In four years of headship, I’ve always been interested in strategic direction and that interest came from the dissonance between knowing that it is important combined with not doing it well enough nor seeing an example that made me want to use and develop. I would spend time on the format of the strategic plan and muse on the difference between milestones, success criteria and other fancy terms.
For this round of strategic planning, I was determined to do it better than I had before. I had experienced a lot of noise in doing this before and wanted to simplify the whole process. The first thing I decided to do was to align the strategic planning process with the financial year instead of the academic year to better align funds available with strategic priorities. I also decided to extend the time frame for strategic planning from one to three years. My school is settled and entering a new phase of school improvement – no longer in the rescue phase and now aiming to move from reinforcement to refinement.
What persistent problems should the school seek to address?
The term persistent problems comes from an article by Mary Kennedy, Parsing the practice of teaching, applied by the Ambition Institute to school leadership. They described them as universal, unavoidable and implicit – no matter the context of the school or the expertise of the leaders, they’ll need to be solved.
The process for the creating the next iteration of our strategic plan began with senior leaders considering, within the remit of their roles, the persistent problems that we face. After using the article to explain what persistent problems are, I presented them as satisfying one or both of two criteria:
- Aspects of school leadership that we need to do better
- Aspects of school leadership that are too important to not focus on (whether we do them well or nor)
Leaders used good old post it notes and we compiled our collective thoughts, resulting in a table full of around 50 things. Each time, the leader justified its inclusion and perhaps edited some wording after thinking aloud.
50 was too many and this was only the initial step. We then started grouping the ideas into clusters that were related, ending up with 6. Now it was time to consider the views of other school leaders so I revealed the Ambition Institute’s seven persistent problems:
- setting direction and building alignment
- Enlisting staff contribution and ensuring staff development
- Organising and staffing the curriculum
- Attending to pupil behaviour and wider circumstances
- Diagnosing, prioritising and managing resources effectively to build and implement strategy
- Managing an effective and efficient organisation / administration
- Developing personal expertise, self regulation and resilience
After comparing what we came up with and the work from Ambition, we settled on the first draft:
It was reassuring to be along the same lines. Leaders left that session having thought hard about our strategic direction. They had contributed significantly to it but there were more stakeholders to have their voice heard. Leaders were tasked with chairing discussions, just as we had, with teachers, support staff and parents.
Engaging the wider community
Before we started looking at solutions to the persistent problems that we identified, we wanted to know if we were paying attention to the right problems from the perspectives of everyone else. The aim was also to ensure that everyone had their say on the direction that the school would take. Reassuringly, the vast majority of what we’d discussed was also identified by teachers and support staff. We framed the discussion in a similar way, setting out criteria as above but added another scaffold to focus thinking. We asked them to name an aspect of school life that could be better or is too important to take our collective eye off and then describe how they wanted it to be. This went some way to ensuring that we thought about direction rather than what might have happened that day.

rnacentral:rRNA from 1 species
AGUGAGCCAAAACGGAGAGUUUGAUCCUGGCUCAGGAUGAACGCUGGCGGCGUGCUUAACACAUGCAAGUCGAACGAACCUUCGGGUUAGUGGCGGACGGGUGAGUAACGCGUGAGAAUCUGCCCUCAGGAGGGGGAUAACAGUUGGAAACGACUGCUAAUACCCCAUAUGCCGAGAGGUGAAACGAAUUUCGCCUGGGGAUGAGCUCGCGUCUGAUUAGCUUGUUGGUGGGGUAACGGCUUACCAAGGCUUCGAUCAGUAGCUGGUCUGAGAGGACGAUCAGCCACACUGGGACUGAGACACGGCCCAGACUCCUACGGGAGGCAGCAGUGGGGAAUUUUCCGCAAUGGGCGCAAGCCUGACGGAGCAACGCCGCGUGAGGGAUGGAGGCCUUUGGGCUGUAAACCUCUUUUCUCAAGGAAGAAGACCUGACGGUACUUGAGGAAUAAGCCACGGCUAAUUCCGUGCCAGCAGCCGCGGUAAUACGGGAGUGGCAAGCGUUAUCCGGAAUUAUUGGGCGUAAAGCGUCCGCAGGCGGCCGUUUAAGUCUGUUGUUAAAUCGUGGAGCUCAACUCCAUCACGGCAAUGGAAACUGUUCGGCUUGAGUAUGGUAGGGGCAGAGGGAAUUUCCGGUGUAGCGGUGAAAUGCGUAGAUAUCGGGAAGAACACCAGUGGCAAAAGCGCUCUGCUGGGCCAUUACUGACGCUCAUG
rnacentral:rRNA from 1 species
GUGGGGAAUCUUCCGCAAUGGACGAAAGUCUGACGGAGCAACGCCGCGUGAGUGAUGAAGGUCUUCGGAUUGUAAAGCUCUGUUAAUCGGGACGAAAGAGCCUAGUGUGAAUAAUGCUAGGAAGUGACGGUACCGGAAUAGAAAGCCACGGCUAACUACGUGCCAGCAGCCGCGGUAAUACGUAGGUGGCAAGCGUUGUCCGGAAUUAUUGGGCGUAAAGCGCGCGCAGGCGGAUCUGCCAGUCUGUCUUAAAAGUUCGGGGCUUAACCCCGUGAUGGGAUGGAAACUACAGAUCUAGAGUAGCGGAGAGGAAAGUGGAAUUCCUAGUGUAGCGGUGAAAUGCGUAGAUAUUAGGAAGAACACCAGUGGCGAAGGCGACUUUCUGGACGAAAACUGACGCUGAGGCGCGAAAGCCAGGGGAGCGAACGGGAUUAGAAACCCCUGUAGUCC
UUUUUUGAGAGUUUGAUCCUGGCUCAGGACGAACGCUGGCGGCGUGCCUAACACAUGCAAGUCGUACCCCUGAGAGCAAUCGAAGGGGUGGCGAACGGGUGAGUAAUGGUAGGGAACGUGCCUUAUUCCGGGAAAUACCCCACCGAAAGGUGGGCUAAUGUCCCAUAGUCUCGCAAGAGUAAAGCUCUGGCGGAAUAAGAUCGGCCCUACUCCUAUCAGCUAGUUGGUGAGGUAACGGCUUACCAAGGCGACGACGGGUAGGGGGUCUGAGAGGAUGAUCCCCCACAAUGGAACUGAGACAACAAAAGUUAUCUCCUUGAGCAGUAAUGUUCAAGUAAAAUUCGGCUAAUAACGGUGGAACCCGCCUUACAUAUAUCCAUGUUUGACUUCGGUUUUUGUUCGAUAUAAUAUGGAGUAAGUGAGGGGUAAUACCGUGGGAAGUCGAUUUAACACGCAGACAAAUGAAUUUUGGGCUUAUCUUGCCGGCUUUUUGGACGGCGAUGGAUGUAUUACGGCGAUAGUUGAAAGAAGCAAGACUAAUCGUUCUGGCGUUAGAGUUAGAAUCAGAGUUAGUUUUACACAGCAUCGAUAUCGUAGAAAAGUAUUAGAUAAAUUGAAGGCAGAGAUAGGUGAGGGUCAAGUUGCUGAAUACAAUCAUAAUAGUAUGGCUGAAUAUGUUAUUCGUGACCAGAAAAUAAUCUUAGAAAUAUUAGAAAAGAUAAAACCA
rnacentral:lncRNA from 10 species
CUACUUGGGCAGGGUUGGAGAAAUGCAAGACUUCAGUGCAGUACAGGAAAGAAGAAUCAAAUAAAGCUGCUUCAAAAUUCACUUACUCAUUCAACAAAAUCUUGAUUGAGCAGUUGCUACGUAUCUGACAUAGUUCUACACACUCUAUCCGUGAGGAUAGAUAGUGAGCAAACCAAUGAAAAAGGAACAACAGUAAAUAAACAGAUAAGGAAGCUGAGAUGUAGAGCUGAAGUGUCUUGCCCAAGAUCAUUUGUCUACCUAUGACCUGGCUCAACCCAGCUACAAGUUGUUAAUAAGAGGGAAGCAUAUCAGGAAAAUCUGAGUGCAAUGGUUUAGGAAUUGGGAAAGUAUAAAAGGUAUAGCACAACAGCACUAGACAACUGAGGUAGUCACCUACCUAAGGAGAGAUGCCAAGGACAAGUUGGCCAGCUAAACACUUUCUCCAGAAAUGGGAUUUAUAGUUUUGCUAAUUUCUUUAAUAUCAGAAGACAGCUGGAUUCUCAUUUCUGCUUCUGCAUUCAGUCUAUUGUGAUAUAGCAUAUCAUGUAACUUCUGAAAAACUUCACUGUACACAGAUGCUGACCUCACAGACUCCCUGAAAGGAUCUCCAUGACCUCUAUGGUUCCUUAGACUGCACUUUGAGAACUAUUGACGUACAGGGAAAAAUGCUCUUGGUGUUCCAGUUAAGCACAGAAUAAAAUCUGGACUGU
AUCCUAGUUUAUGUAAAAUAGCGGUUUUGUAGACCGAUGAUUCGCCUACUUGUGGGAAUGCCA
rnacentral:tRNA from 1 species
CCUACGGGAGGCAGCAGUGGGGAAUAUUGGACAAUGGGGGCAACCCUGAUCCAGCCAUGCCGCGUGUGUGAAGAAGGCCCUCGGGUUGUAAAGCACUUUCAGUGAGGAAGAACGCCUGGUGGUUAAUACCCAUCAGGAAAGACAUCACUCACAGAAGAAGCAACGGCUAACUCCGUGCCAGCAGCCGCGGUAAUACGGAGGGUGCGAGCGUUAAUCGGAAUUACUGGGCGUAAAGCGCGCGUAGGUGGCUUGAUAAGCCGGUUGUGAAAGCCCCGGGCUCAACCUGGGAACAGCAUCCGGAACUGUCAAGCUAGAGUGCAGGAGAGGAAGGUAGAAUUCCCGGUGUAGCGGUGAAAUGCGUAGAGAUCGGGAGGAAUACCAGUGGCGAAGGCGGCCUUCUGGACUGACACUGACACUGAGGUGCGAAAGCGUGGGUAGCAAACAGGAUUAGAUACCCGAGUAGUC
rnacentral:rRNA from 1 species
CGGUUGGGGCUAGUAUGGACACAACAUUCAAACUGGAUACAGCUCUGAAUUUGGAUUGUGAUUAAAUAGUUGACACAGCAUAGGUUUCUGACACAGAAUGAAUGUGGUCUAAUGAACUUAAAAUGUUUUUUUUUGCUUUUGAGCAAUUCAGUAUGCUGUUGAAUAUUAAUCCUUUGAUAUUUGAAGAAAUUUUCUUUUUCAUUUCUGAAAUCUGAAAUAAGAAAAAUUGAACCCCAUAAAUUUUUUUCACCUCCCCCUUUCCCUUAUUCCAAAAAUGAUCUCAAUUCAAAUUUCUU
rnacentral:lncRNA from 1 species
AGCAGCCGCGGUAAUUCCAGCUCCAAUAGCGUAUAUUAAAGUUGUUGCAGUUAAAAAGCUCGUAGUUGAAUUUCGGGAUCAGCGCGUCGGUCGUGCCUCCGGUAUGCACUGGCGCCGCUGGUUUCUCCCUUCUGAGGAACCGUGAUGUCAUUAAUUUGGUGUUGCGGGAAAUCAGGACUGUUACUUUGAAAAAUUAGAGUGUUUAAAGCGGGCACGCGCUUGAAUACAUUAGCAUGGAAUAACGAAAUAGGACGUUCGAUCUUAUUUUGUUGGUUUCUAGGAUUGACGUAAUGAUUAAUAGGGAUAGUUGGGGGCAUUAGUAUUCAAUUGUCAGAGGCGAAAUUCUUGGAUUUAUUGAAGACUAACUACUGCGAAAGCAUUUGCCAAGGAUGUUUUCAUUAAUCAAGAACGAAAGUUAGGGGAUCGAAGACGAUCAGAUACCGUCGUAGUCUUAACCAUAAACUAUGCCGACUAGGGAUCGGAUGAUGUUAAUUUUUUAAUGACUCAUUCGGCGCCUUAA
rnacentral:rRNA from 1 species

The process was repeated in a similar way with parents. The chairing of that discussion to keep it future focused was more of a challenge because what is important to parents is often down to their own child’s experience.
Describing the future
We were at the stage now where we’d agreed the strategic priorities based on the persistent problems that we were trying to solve. This was beginning to take the form of a strategy document – an description of what our school will look like in the next few years. Leaders got together once more and looked to list the conditions that we’d be working in if we had solved the problems that we had identified. The result was this:
Ir was the governors’ turn next. I’d arranged a strategy session as part of an FGB to support governors to genuinely carry out their ‘setting strategic direction’ responsibility. Leaders described the process and what we had distilled from all the discussions. This was incredibly valuable because the process had started as strategic with senior leaders, took into account the experiences of other stakeholders and now had to return to strategic level again. With governors’ input we were ready for the final draft of a strategy document, one that sets the direction of the school for the next few years, that protects the school from unnecessary change if there were to be significant changes in leadership.
Vision and values
The final piece of the strategic puzzle was to check if our vision and values were still valid. We thought about whether our strategic priorities matched with that overall aim for the school. We considered whether our values were for purpose in enacting the strategic priorities.
So here it is and I hope you find it useful.
- Agree on key performance indicators for each strategic priority and quality assurance methodology (blog part 2)
- Strategy selection and strategic resourcing (blog part 3)
- Implementation planning (blog part 4)